As more and more investors rely on mutual funds through their companies’ 401(k) plans in preparing for retirement, regulators and rule makers have begun looking more closely at employer-sponsored retirement plans, according to The Wall Street Journal.
Last month, the Congress-controlled Government Accountability Office (GAO) issued a report stating that some 401(k) business practices “may not be in the best interest of investors.”
The report, which criticizes opaque fee disclosures and the use of more expensive non-institutional share classes, among other things, comes less than six months after the Pension Protection Act fortified the already powerful industry.
Since changes in the tax code first made room for the 401(k) plan, they have grown into a $2 trillion industry and all but replaced traditional pension plans. Forty-seven million American workers already use the tax-deferred savings vehicles to prepare to retirement, and with the advent of the automatic enrollment the new law allows, those numbers will only swell.
Not only do many 401(k) providers make information about fees hard for investors to find, according to the GAO report, but the federal Department of Labor, which is charged with regulating these plans, has failed to collect the data needed even to monitor them.
"The fees are not being disclosed, and if you don't know what fees are being charged, you can't know if the fees are reasonable,” said Jerome Schlichter, an attorney with St. Louis-based Schlichter, Bogard & Denton, who has brought a bevy of cases on behalf of employees, including one against Fidelity, claiming that 401(k) providers have failed to fulfill their fiduciary responsibilities. Fidelity has vowed to fight the suit.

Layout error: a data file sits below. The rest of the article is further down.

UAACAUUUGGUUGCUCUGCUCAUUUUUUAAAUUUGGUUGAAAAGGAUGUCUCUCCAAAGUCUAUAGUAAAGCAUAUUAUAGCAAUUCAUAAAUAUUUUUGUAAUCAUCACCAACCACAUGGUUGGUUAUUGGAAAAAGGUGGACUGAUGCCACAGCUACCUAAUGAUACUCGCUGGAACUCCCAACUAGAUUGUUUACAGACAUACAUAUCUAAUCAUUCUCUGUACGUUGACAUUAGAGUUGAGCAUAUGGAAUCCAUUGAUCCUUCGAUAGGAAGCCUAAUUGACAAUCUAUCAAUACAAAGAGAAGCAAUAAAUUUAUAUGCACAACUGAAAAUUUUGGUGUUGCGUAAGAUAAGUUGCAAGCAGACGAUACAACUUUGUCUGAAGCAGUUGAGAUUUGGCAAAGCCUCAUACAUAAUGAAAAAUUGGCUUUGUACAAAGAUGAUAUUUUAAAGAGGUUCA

Other criticisms of plan administration include companies using share classes meant for individual investors, rather than the lower-fee institutional counterparts and the charges for plan administration, including recordkeeping, being based on total assets, rather than a flat rate. While the graduated charges may appeal to those with low balances, investors who accumulate significantly larger balances pay significantly higher fees, even if they demand no greater services.
Another transgression, according to the GAO report, includes consultant fees. So-called “pay-to-play” deals rank among the most egregious offenses, because consultants, who are meant to choose the best investment option, instead often choose funds from the company that pays them the highest consulting fees.
U.S. Rep. George Miller (D-Calif.) has railed against the industry for what he sees as inadequate disclosure, and, citing the GAO report, called for increased scrutiny of the industry and protection against conflicts of interest. If such calls for change pay off politically, some speculate that the 401(k) industry could face the type of examination and regulation faced by the mutual fund industry following the market-timing and late-trading scandals. The result, ultimately, could be lower fees for investors.
“Unfortunately there are [employer] fiduciaries who fell asleep at the switch; there are brokers who will charge excessively high fees; and, there are plan providers who support of this,” said Fred Reish, an attorney in Los Angeles who specializes in retirement plan law.